Artest, a Lakers forward, said in an interview Friday with FanHouse he's making a movie about his life. He said he made sure to touch upon the Nov. 19, 2004 brawl at the Palace of Auburn Hills in order to "kind of spice up the movie a little bit.''
In that basketbrawl, Artest, then with Indiana, charged into the stands in the final minute of a game at Detroit after a fight had broken out and a fan had thrown a cup of beer at Artest. The game was called, and there were nine players suspended for a total of 146 games. Artest got the worst penalty, being sat down for the final 73 games of the season.
Thursday marks the fifth-year anniversary, and Artest will play that night at home against Chicago. Artest, who celebrated his 30th birthday Friday, was asked if he's matured and is a different person since the brawl.
"Not really,'' he said before the Lakers were crushed by Denver 105-79 at the Pepsi Center. "I'm the same person.''
"It wasn't a bad night for me,'' he said. "It was a bad night for everybody else.''
Artest doesn't shy away from that night. In fact, he made sure he included material on the brawl in a movie he told FanHouse he's making about his life called Therapy.
"I didn't even realize it was the fifth-year anniversary,'' Artest said. "I'm actually working on a movie about it. It's going to be pretty cool. It's like a docudrama. I'm playing me. (The brawl) is like a small part, but it's a part of it. It's to just kind of (to) spice up the movie a little bit, but (the movie) is deeper than that. It's all true.''
Artest said he has a production company in Los Angeles called Tru Warrior Enterprises, which comes from his nickname. He said he has a ''silent partner'' he wouldn't name, and the partner is putting up money for the film that will be available next summer on DVD.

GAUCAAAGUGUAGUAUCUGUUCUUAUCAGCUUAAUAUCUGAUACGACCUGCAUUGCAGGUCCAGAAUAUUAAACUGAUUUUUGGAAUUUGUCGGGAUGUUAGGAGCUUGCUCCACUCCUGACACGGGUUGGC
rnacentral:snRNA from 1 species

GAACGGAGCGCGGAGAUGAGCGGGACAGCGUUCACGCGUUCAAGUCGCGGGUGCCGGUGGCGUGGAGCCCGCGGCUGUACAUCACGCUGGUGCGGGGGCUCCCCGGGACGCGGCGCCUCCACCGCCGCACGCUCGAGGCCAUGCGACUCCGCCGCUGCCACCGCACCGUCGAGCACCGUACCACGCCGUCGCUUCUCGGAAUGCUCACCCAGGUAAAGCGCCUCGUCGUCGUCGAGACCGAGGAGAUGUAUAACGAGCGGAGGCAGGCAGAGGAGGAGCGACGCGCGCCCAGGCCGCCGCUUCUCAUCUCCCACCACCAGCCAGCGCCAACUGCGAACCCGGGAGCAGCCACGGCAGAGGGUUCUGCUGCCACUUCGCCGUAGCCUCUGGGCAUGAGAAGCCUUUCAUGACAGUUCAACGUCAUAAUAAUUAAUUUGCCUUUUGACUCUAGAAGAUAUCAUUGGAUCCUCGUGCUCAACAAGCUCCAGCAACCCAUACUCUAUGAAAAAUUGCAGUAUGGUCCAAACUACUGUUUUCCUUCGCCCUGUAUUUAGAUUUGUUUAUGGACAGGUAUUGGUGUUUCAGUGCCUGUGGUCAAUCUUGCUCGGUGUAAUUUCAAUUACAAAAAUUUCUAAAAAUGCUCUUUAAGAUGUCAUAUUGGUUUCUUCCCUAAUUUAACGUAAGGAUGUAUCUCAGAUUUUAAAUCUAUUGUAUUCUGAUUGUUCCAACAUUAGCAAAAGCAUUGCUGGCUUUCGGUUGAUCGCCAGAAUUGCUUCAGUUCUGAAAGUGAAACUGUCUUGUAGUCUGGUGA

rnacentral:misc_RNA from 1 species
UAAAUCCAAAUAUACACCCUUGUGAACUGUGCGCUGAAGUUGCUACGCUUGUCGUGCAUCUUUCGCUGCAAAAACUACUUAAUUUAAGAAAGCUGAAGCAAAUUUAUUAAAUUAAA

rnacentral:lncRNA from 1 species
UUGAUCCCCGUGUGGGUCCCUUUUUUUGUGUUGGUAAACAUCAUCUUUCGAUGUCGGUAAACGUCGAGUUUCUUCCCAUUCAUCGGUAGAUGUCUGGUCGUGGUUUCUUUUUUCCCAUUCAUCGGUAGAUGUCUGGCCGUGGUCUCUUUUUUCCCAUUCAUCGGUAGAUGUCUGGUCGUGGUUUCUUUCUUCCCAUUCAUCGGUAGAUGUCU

"There are some reenacted situations that happened before (the brawl) and some reenacted situations that happened after,'' said Artest, who said no actual brawl footage will be used and that "all'' of the "various fights'' he has had during his career will be chronicled in the film. "People will be able to understand what happened (in the brawl). They'll be talking and acting, both (about the brawl in the movie).''
Asked about his abilities as an actor, Artest said, "Decent, but it's like me so I don't need really to act.''
Artest said the movie will chronicle his time at St. John's University until now, and touch upon odds he has overcome. Artest hopes there will a message in the film for "people that get in trouble (who are) high-risk kids (from) high-risk neighborhoods.''
"Just advice,'' Artest said of what the movie will offer. "My advice isn't always the best advice, but maybe it might work for somebody.''
Chris Tomasson can be reached at fanhouse.com and on Twitter @christomasson.